Friday, June 5, 2009

Digital TV Transition Info - June 12, 2009


So now I'm temping as a DTV Converter Box Installer, which basically means I'm going from one person's house to another and connecting their converter boxes. instructing customers on how to use the remote and advising them on what to do in case they don't have a signal. As a former satellite TV installer, this is stuff I do in my sleep, but there are plenty of people who cannot do this type of thing themselves, or are just too nervous about tech hardware to know what to hook up.

There are at least two websites that will explain the need for and the process of hooking up a digital converter box, so that you may continue to watch network channels as before:

DTV.gov - This website was set up by the FCC in order to inform the general public about the digital transition, the necessary tools and hardware to install, tell you what channels you will receive in digital, depending on what region you happen to be in, and whether or not they are broadcasting in full digital or not, plus a handy channel guide for your region. It also has pages for locating local retailers in your area and how to acquire a discount coupon towards the purchase of a converter box.

Antennaweb.org - This site will give you options on how to "maximize your television reception" by offering various types of antennas and hardware to pull in the channels stronger. They also have suggestions and an FAQ about DTV and signal amplifiers.

- Not all the stations are broadcasting at full power at the moment; for whatever reason, some stations are waiting until the June 12 transition date. If you are experiencing weak signals on some channels and not others, this might be the reason. My suggestion is to wait until June 12th and see if the station signal stengthens. If not, go to one of the sites above for discussion on digital antenna options.

- If all else fails, what can you do? There are various digital TV amplifiers and aerials of different shapes and sizes, but if you can't install or afford those? Well, you more than likely can't get a refund if you used the discount coupon issued by the FCC, so determine if the box is in working condition (try it at another person's house where you know that person is getting signal), and if the box works, I suggest gifting or selling it to someone and getting some of your money back.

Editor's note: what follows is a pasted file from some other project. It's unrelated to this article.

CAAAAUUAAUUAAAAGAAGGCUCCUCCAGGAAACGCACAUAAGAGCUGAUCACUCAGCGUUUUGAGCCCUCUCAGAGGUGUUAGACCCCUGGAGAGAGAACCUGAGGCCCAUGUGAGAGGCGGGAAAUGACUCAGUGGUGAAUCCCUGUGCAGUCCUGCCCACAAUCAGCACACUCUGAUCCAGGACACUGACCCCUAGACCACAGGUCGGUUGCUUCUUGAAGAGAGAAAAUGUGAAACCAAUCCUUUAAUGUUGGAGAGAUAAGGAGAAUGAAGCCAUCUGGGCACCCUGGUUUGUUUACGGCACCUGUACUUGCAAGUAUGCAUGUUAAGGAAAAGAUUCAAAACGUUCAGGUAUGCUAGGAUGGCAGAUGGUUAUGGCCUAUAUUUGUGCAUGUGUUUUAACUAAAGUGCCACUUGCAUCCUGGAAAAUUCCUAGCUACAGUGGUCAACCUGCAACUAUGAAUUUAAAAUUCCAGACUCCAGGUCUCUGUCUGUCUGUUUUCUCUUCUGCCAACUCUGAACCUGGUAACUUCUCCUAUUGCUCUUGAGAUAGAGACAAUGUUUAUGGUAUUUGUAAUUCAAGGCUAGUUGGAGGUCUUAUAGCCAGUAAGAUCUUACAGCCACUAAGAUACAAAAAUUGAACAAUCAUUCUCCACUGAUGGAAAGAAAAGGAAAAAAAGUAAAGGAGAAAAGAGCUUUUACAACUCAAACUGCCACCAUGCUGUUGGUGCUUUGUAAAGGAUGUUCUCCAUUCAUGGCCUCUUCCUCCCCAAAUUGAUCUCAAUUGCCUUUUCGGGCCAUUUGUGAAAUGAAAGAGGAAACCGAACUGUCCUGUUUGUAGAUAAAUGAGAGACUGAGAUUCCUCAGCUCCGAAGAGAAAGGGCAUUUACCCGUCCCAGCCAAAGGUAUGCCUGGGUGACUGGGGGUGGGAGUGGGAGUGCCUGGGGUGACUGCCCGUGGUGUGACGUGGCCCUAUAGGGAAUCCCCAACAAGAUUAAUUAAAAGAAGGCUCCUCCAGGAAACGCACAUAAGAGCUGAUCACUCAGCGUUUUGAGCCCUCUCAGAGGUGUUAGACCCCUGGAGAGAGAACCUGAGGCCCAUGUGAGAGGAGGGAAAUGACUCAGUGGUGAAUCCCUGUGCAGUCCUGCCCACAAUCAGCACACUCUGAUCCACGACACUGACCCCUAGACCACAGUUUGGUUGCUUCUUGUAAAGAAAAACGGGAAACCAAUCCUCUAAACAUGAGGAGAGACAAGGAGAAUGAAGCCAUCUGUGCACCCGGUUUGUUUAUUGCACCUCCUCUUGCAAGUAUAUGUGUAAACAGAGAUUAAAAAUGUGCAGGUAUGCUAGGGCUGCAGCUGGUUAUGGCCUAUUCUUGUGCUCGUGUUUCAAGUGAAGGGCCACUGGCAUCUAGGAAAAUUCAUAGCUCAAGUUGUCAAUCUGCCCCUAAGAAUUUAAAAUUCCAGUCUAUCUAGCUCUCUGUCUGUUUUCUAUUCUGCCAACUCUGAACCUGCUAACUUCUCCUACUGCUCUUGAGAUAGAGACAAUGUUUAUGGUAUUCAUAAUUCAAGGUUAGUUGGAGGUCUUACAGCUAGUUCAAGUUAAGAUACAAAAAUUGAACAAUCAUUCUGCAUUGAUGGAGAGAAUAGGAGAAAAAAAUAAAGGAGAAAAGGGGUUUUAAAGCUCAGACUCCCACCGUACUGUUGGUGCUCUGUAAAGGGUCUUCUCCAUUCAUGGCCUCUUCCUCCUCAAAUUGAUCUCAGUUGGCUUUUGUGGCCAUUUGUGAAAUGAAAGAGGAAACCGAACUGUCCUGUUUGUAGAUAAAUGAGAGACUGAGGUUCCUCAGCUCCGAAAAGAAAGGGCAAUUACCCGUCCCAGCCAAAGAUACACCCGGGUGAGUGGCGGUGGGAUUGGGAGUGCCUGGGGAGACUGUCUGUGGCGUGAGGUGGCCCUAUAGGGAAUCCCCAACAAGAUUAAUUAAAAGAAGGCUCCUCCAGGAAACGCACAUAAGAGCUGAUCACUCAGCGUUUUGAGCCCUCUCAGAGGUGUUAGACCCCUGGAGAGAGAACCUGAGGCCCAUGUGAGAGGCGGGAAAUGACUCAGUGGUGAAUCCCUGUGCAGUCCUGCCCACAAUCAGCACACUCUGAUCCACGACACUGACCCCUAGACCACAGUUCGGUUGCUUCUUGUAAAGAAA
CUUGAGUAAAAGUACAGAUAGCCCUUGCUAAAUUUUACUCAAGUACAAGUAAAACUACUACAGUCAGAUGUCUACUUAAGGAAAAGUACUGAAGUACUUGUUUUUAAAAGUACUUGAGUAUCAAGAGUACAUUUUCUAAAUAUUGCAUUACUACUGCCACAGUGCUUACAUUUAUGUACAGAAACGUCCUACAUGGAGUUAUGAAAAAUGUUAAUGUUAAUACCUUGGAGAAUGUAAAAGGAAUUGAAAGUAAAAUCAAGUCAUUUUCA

Unfortunately, the box is not a perfect solution to getting free TV; people who were not getting a signal before may likely not get one now, mainly because of obstructions in your locale like tall buildings or power lines. Cable TV is offering a promotion for new customers who are being displaced by the transition, and I'll bet satellite is offering the same deal, but the drawback for satellite is that not all building structures allow for dishes to be mounted on them, and if you don't have a clear line of sight between your dish and the company's satellite, then you're out of luck.

Now, none of this is an endorsement of one over the other, it's just a lsiting oof what your options are. You could also avoid the whole TV thing by getting your news on the radio and renting movies from the library for free.

If you are in need of further information or assitance, you can also call the FCC's DTV Hotline at 1-888-CALL-FCC (225-5322) or the TTY line for the deaf/hard of hearing: 1-888-TELL-FCC (835-5322). I currently service New York State only, but if you need to scehdule an installation, I or someone in your region will be scheduled to visit and install your converter box and discuss the functions and other options. And, please feel free to publish your experience of questions here. Good luck! >;)

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